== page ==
5 Superheroes Who Need A Reboot STAT!

Part of the problem with comics is that, to newcomers, it can be a bit daunting to get into a new book when it’s already on issue #287 on volume XVII. While all of that back history is sure to be fun to slag through on a nice summer day, ain’t nobody got time for that. A re-launch allows readers old and new to latch onto a reinvigorated work, as demonstrated by DC’s habit of resetting its universe, with The New 52 receiving warm reviews.

Additionally, Marvel has essentially relaunched its universes twice, allowing writers to utilize characters and significant events crucial to a specific hero without egregious retconning (if you want to give yourself a migraine to get out of work today, read Jean Grey’s Wikipedia entry for a perfect example of ramshackle retconning) and perhaps most importantly, reboots allow new readers to get into well known characters and titles without having to slog through leagues of long boxes of back issues. Additionally, some titles have run for so long that there’s simply nowhere else to go for the hero. All of the hero’s villains have been vanquished, romantic pursuits pursued, and the only thing the author can do is fall into the ultimate evil plus one or girlfriend in a freezer trope to create conflict. Sometimes, a reboot is just the perfect device to get a title back to its roots, as opposed to jumping the shark.

So, which titles deserve reboots? Move your eyes down and behold.

5. Spawn

Spawn header

Originally, Todd McFarlane’s Spawn was a simpler comic, with Spawn battling mafioso cyborgs and cyberpunk priests, but just like an Emo Goku from Dragonball Z, character development for Spawn meant increasing his necrotic power level, up until the point where he met Jesus, got enough power to kill God and Satan’s Creator, and every Lord of Evil was always just the insubordinate to a God-king of Evil who was just the first in line in a council of Chaos despots etc. For a comic about a warrior from Hell it all got a bit ridiculous. McFarlane has made Spawn basically into necro-Jesus. What ever happened to his over the top villains? Overtkill, Tremor, Freak, Violator– these are the names I grew up with, buying actions figures based on a comic that in retrospect I was waaaay too young to be reading.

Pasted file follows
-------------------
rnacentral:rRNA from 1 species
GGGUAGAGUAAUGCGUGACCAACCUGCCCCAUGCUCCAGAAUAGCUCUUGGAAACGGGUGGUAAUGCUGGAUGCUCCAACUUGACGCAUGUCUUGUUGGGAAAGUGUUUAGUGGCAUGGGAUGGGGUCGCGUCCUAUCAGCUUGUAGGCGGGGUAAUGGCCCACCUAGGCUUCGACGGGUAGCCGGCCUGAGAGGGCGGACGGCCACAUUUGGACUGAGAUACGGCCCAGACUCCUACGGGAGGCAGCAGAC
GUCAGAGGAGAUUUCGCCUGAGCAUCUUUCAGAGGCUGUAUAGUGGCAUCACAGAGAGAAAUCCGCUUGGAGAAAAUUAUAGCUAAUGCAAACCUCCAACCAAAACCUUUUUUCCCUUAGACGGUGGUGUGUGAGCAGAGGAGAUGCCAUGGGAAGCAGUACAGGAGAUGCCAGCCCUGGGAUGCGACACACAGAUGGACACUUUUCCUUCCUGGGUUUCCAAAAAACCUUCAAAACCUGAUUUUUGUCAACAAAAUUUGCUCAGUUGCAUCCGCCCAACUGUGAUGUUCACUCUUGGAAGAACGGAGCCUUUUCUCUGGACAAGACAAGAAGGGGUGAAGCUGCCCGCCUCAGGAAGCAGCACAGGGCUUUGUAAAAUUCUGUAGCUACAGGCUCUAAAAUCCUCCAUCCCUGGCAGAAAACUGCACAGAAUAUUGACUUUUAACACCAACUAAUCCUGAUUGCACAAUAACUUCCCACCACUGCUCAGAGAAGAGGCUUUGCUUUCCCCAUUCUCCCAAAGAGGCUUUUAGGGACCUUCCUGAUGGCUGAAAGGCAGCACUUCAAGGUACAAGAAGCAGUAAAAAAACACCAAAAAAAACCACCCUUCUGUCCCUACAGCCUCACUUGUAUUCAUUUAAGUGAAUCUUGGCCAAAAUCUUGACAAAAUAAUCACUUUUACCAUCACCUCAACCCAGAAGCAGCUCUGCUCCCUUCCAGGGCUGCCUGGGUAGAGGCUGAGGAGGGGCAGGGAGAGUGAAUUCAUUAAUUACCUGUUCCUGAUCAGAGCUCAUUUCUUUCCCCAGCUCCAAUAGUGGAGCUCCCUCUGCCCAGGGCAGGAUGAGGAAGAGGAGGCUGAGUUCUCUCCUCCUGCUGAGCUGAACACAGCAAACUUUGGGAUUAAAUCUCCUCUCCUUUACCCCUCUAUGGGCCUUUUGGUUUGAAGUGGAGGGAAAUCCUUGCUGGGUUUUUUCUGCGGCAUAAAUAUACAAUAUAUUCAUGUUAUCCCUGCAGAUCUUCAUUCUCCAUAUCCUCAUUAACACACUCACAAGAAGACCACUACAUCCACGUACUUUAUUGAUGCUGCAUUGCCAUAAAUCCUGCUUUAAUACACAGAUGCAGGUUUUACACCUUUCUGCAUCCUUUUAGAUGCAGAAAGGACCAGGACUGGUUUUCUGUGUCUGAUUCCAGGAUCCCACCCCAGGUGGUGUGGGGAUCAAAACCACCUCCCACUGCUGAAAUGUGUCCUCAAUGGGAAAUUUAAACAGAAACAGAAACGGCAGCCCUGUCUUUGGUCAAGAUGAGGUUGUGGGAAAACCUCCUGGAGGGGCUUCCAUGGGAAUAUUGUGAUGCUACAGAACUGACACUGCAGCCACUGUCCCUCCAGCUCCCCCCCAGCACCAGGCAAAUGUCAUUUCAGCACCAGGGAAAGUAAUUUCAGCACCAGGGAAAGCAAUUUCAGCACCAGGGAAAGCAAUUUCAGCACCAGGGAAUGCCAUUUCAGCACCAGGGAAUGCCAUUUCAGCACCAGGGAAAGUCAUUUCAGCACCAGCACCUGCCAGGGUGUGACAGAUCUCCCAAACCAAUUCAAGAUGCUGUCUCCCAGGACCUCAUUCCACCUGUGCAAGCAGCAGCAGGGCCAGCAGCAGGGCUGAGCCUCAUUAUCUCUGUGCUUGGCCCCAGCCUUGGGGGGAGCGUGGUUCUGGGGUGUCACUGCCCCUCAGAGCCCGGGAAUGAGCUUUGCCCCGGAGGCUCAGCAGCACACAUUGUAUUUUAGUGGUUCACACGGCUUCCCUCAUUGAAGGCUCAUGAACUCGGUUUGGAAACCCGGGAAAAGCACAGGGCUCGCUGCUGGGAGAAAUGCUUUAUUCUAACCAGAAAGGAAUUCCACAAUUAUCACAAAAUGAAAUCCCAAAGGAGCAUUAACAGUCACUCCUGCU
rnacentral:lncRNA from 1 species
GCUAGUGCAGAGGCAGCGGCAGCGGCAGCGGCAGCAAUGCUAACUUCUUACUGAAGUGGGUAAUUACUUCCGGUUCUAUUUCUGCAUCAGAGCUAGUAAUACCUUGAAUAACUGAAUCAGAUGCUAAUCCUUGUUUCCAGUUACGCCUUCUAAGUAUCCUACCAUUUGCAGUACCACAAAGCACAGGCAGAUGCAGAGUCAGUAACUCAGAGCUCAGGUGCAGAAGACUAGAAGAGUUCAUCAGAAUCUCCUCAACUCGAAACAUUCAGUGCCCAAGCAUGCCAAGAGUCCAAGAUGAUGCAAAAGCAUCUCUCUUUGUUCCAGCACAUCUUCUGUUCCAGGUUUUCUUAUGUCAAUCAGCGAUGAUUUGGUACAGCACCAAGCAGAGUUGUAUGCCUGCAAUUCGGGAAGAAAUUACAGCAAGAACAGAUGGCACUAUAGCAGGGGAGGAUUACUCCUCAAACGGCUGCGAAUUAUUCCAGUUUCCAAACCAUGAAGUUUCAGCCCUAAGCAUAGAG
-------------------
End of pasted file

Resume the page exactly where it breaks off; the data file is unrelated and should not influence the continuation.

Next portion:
Y’know what I miss? That energy counter that would pop up in the early issues of Spawn–again not unlike the scanners from Dragonball Z — which allowed readers to not only literally gauge how much life Al Simmons had left, but also served as an expositional indicator of when Spawn was struggling.

Things reached a head, where after both killing the four horsemen of the Apocalypse and meeting Batman, Spawn offed himself, as befitting any superhero who had done everything that he ever could do.

Spawn blew his own head off ultimately passing the necroplasm armor to a new hellspawn Jim, while also simultaneously introducing the Violator and Sam and Twitch again. It’s like, they’re begging for a Spawn reboot without actually committing to it, just rehashing all the familiar places in a sort of greatest hits of McFarlane. What’s next, Redeemer Number IV?

Perhaps this is somewhat ridiculous to ask for in a comic, but Spawn/Al Simmons has been like, resurrected on at least three separate occasions by my count, with two respawns for his nemesis the Violator, and I have no reason to believe why Spawn blowing off his own head with the very energy that powers his powers would do him any good. You see this is why the old Spawn energy counter was useful — made us 100 percent positive when old shoelace face was down for the count.

Spawn Ender


About the author

Chris Davidson